was to accommodate an increase
from six hours to nine hours in H.E.
450 and P. E. 450, and from two to
three hours in H E. 221.
In other action, the Council voted
to allow graduate credit for several
courses in the College of Medicine if
students first receive approval of
their advisory committee and de
partment head and the head of the
appropriate department of medi
cine. Twelve such hours will be
allowed for credit on any master’s
degree program.
11 examine tM
to see howi
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develop supptf
ul the develop® 1
vering, thus lei'|
h elements, |
of life’s rigors
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e much higher^
as much choW'j
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t pesticide.
but obesity an}]
lem prime (
[ Gray
The Korea Hapkido Society
(MSC Directorate) is offering courses in
Shaolin Kung Fu 7 Zen Yoga and Korean
Extra curricular credits given
Classes M-Th 5:30 - 7:00
T-Th 8:30 - 9:30
Room 261 — G. Rollie White
HI i
mHa Us
United Press International
Today is Tuesday, Feb. 26, the 57th day of 1980 with 309 to follow.
The moon is moving toward its full phase.
The morning star is Saturn.
The evening stars are Mercury, Venus, Mars and Jupiter.
Those born this day are under the sign of Pisces.
American frontiersman William “Buffalo Bill” Cody was born Feb.
26, 1846.
On this date in history:
In 1815, Napoleon Bonaparte and 1,200 men left the Isle of Elba to
start his 100-day conquest of France.
In 1919, Congress established Grand Canyon Park in Arizona.
In 1935, Germany began operation of its Air Force — the Luftwaffe
— under Reichmarshall Hermann Goering.
In 1972, a Hash flood in West Virginia killed 118 people.
A thought for the day: American poet Ralph Waldo Emerson said,
“The reward of a thing well done is to have done it.”
The New
is here!
Sebring Hair Designs
for Men and Women
Perms — Frost Color
High Lift Tints
8 designers
Open 8 a.m. to 7 p.m.
Located behind the
Ramada Inn
i .i 111 n 1111
Ml I I L
Listen 24 hours a day to FM 89 stereo for
Texas Aggie basketball, local news and
the best music you’ve ever heard.
KTAM-FM Stereo 89
exclusively on Midwest Video.
“ jff.
i b
The General Telephone
Sound Off Progress
e iu
I I >ntic
■ mol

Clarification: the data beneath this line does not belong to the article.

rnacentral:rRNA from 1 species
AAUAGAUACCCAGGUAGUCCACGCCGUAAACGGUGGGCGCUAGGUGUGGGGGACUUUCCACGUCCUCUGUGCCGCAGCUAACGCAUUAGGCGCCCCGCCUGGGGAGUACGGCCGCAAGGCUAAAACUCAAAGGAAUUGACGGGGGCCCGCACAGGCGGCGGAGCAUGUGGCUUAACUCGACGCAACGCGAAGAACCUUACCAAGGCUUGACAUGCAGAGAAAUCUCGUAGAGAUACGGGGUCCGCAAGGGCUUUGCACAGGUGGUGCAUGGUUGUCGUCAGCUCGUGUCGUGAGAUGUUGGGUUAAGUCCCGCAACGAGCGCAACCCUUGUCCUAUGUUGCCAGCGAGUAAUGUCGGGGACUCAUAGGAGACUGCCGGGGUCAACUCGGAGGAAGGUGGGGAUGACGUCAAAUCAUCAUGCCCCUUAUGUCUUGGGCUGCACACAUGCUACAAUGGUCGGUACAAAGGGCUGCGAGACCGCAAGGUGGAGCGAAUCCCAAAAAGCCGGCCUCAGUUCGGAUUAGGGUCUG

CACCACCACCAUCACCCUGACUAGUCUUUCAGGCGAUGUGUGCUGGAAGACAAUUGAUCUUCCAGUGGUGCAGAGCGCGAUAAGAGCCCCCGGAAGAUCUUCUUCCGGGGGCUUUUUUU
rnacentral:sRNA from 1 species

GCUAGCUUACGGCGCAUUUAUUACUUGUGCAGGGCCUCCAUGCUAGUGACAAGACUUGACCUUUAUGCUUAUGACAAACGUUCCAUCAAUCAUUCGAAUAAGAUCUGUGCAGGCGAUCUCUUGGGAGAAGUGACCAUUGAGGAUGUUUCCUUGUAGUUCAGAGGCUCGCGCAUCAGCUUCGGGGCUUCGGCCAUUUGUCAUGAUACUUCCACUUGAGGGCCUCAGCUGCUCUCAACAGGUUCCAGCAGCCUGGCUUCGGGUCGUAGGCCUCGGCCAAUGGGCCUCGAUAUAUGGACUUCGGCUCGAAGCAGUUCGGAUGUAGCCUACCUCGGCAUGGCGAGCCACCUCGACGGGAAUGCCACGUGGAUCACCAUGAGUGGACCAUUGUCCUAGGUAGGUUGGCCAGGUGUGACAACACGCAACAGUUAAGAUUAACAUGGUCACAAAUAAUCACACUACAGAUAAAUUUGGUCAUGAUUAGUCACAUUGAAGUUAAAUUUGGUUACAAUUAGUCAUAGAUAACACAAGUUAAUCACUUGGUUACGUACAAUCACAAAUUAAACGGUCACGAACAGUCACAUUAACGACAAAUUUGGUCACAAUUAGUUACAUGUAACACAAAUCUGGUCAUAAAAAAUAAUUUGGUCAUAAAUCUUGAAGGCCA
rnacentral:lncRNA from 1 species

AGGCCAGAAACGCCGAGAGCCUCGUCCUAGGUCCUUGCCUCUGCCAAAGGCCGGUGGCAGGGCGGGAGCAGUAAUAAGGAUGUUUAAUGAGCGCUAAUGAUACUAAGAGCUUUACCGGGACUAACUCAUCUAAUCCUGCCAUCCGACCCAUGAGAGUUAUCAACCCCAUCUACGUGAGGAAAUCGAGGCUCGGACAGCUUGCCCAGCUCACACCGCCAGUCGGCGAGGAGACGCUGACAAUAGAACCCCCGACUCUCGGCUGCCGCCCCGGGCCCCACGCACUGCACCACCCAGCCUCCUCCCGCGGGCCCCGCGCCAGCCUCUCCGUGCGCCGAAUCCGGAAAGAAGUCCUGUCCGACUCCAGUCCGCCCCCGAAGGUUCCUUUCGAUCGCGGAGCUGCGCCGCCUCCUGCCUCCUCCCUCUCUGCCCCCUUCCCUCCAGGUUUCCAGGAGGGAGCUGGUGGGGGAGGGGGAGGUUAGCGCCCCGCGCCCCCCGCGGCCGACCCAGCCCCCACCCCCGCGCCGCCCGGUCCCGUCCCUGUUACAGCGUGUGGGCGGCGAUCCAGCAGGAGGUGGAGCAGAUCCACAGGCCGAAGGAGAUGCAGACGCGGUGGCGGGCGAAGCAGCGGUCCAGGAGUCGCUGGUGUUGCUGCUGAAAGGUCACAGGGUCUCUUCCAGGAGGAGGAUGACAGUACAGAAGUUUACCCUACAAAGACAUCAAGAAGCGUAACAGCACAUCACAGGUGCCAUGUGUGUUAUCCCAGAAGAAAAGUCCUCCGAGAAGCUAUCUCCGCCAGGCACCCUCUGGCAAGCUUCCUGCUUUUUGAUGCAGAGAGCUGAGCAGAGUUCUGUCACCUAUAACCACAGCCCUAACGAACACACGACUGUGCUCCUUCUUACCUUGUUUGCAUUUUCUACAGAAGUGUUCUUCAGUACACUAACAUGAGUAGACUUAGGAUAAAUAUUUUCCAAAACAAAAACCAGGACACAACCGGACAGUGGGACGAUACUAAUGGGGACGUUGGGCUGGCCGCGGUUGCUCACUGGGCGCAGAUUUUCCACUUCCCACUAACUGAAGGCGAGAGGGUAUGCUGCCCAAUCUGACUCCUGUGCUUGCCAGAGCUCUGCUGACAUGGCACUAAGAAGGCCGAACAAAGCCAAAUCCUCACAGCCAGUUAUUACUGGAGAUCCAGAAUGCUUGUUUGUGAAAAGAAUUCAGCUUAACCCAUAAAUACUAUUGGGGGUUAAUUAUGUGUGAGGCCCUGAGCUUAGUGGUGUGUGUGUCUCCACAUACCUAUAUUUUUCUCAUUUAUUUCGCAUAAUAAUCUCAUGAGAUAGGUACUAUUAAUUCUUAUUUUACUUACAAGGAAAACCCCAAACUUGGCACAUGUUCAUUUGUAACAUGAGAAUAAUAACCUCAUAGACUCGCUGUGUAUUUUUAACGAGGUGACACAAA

ne f<
Technical advances. Ideas. Hard Work.
That’s progress.
And progress is important to us at General
Telephone. We know that with technical ad
vances, ideas and hard work we can meet
your commumnications needs now and in
the future.
In 1979, we added more than 10,000 lines to
provide customers additional service. Also
additional long distance and extended area
service facilities were added.
Sophisticated service analyzing equipment
was installed to aid us in correcting poten
tial trouble before customers encountered
We placed over 300 telephone poles,
130,300 feet of aerial cable, 30,000 feet of
cable in conduit systems and 962,600 feet
of other buried cable.
In 1980, we plan to add more than 20,000 ad
ditional lines to serve new customers. We’ll
add sufficient long distance and extended
area service facilities to meet the growth.
Custom Calling features such as call for
ward, call waiting, speed calling and other
new telephone communications im
We plan to place over 300 more telephone
poles, 190,900 feet of aerial cable 40,200
feet of cable in conduit systems and
614,200 feet of other buried cable.
We will install the most modern operator
billing equipment that will allow our
operators to punch a touch call button pad
to enter customer calling information on
long distance calls instead of manually
stroking mark sense cards, which will save
operators at least 30 percent time and
speed a customer’s call up.
Additional employees will be added, too in
order to provide better service to this rapid
growth area.
Growth is progress, yes. But there’s more
-there’s service. And this, the people at
General Telephone strive to provide. We are
eager to meet the ever-increasing challenge
of growth. The very essence of our busines
is giving our customers good service - “We
keep you talking,” we’re...